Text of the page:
Recently, miners at Mosley Spur Mine in Middlesboro, Ky. took steps to ensure that if there is ever an emergency, they will be prepared.
“I don’t know if you can ever be fully prepared (for a disaster),” said Bell County Coal Human Resource and Safety Manager Lonnie Wilder, “but you can train as much as possible.”
The simulated emergency situation was the first of its kind to be hosted at Mosley Spur in Kentucky’s southeast corner, near the Tennessee and Virginia borders. The drill simulated an equipment explosion with smoke machines while 14 miners pretended to be trapped underground.
Nine miners reported back in good condition, one reported major burns, and four were considered missing, for the purpose of the mock emergency response. Rescue teams were sent out at around 8 a.m. to find the miners at their last known locations. By 8:45, the teams had recovered the “burn victim” and the other nine miners. The four “missing” men were found soon after.
Wilder explained that the purpose of simulating the drill was to practice coordinating all the parts of the operation, from the response teams, to security, to the miners underground. Emergency helicopters were on standby. According to Wilder, the drill went very well and teams moved far ahead of schedule.
Wilder said the self-contained self rescuer devices that miners take with them underground to provide oxygen in case of emergency were assembled by miners flawlessly.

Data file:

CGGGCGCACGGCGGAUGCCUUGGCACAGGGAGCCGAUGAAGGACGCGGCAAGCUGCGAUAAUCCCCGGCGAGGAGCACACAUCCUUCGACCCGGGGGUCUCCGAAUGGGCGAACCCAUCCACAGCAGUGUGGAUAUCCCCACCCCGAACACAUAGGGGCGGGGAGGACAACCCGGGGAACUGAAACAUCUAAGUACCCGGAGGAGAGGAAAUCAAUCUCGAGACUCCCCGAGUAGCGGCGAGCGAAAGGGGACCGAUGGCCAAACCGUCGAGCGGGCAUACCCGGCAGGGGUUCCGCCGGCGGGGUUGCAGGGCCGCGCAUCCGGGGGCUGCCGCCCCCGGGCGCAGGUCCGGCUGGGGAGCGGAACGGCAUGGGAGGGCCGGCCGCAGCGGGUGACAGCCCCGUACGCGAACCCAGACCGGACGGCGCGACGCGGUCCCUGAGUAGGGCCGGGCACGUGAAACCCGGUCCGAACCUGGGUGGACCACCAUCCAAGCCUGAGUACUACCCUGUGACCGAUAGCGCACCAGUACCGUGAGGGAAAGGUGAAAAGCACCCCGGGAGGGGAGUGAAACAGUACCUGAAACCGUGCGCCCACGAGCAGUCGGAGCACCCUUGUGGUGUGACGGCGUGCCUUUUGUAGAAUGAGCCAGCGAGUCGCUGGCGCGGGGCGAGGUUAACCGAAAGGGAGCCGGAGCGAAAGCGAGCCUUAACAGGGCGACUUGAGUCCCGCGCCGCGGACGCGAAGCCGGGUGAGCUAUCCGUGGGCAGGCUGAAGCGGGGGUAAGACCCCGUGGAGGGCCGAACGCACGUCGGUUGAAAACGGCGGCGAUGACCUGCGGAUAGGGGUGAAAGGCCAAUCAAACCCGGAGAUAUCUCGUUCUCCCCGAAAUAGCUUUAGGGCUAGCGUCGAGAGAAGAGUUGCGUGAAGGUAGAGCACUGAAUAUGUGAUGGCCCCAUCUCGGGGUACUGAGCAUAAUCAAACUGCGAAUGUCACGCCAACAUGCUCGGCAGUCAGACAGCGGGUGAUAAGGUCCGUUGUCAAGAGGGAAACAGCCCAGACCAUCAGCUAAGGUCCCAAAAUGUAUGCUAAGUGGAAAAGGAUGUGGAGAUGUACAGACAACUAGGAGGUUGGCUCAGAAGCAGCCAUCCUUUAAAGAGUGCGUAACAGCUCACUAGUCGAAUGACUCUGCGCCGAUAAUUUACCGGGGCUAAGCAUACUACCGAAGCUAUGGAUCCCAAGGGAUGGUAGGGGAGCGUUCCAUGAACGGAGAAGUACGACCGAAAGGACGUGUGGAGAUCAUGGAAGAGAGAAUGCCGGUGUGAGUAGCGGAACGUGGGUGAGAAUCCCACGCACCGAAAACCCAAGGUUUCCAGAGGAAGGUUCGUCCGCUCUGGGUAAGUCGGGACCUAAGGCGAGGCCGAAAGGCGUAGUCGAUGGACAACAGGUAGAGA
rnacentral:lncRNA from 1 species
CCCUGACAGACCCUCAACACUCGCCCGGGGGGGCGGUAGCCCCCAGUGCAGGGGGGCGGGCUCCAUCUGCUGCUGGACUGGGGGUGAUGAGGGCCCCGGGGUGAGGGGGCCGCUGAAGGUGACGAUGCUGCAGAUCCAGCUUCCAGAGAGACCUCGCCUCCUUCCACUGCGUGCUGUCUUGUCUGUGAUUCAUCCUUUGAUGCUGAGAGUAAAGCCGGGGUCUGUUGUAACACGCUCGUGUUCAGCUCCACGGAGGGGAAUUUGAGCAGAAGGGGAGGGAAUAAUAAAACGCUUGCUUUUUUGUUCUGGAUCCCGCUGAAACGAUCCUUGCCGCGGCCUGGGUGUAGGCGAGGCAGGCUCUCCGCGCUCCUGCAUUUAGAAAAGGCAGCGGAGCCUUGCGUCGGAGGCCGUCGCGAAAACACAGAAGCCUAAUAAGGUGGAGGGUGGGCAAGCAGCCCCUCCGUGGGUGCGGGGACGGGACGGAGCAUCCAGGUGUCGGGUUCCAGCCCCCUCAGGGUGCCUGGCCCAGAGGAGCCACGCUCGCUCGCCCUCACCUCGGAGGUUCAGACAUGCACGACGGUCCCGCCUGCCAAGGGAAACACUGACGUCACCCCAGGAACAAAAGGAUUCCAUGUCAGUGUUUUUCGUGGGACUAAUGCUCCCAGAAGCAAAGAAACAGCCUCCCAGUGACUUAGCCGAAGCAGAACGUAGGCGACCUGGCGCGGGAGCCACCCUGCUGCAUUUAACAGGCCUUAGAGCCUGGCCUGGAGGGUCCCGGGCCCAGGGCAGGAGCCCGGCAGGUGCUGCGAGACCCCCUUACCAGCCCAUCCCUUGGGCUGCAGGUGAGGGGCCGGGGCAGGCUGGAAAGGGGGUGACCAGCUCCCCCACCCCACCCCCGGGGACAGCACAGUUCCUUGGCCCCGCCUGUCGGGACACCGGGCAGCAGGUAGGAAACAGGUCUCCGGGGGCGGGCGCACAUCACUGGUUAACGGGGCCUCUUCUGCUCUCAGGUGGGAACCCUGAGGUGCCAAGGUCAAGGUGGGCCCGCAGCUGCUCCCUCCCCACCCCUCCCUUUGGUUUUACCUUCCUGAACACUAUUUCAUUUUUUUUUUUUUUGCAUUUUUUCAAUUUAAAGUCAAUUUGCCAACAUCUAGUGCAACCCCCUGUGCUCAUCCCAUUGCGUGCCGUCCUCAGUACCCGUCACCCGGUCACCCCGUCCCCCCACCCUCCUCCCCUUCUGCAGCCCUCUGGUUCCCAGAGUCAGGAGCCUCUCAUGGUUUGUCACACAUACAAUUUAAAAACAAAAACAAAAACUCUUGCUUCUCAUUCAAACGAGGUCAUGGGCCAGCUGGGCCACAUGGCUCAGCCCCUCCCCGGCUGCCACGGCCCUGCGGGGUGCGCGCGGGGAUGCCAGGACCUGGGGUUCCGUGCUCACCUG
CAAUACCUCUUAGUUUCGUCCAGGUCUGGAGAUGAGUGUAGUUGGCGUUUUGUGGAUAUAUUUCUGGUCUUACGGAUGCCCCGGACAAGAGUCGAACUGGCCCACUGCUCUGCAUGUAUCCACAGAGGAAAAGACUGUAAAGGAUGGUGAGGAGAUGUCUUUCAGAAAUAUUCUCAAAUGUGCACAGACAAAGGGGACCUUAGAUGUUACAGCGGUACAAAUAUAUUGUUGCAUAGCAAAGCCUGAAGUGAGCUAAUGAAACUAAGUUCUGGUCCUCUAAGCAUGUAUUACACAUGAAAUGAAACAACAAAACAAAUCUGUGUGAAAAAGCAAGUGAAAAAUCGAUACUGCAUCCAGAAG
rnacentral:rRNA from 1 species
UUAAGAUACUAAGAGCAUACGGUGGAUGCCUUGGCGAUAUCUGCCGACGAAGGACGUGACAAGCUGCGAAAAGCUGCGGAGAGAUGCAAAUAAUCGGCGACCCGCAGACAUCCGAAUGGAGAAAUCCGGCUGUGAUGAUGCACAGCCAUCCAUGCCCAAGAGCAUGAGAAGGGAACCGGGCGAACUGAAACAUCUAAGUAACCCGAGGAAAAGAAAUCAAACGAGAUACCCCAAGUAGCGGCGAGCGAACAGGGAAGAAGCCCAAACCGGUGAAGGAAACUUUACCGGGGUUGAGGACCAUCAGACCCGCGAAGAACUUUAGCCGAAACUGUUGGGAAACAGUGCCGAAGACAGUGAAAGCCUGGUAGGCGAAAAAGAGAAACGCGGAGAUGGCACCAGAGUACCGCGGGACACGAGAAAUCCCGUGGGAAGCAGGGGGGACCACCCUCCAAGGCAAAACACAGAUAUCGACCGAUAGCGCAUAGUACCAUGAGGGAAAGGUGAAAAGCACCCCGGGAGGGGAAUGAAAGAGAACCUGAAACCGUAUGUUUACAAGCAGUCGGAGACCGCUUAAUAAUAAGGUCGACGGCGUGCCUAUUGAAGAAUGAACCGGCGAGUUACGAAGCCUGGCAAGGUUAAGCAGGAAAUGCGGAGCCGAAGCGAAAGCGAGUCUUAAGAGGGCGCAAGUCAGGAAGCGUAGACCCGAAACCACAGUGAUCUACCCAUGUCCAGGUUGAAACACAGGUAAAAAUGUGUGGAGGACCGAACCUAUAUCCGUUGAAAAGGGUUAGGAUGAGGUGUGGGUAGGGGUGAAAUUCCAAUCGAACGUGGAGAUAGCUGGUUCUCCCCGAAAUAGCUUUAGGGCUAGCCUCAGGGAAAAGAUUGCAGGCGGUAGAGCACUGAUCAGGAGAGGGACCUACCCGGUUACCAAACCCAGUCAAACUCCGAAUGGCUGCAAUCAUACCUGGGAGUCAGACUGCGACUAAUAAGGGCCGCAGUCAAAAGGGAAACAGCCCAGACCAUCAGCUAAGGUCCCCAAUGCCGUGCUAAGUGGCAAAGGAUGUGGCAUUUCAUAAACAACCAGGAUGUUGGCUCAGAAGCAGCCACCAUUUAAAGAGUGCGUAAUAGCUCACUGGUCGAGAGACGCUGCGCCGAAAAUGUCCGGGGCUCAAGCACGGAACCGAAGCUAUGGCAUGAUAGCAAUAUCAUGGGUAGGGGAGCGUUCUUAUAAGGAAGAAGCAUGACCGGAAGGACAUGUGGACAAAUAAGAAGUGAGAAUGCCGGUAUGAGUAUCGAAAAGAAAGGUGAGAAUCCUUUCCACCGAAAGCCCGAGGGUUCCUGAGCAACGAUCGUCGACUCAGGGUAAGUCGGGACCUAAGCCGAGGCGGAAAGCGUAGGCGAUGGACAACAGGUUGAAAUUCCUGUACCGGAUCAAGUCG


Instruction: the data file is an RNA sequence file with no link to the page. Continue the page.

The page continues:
“Everyone had them on within a minute,” said Wilder. “That’s fantastic.”
The mock emergency drill included teams from Bell County Coal, Shamrock, Bledsoe, Blue Diamond, Lee Coal, and McCoy Elkhorn coal companies. All are owned by parent company, James River Coal Corporation. Officials from the Mine Safety and Health Association (MSHA) oversaw the drill.
Larry Partin, an electrician at the company, played the role of a trapped miner. He said that the smoke machines covered everything underground, including the “injured” miner the rescuers were trying to find.
“You can see how it easy it is to be lost underground,” said Chief Operations Officer for James River Coal, C.K. Lane.
The men challenged with rescuing their co-workers learned how they would need to react if the unimaginable is ever reality. Jessie Murray, a mechanic and electrician at the company, said that the simulated explosion gave good insight into what would happen in a disaster. Murray was with two other men who searched for the miners near the secondary escape way. Foreman Craig Davis called the incident in on the morning of Oct. 25, as part of the drill.
In a real emergency, the difficult task would be controlling all the individual teams. That’s why the drill was not only practice for rescuers underground, but for directors outside of the mine.
“Headquarters has the responsibility for the mine rescue to get the injured man and crew outside safely,” said Wilder.
Of course, the greatest benefit of the drill is to learn from any mistakes. Safety Director Pearl Farler said that the areas that needed concentration include the placement of people and communication between parties.
Wilder said that the greatest obstacle for those involved underground was the fear factor.
“In an actual situation, so many different situations can arise,” said Wilder.
Information from: The Daily News,
Was this article valuable?
Here are more articles you may enjoy.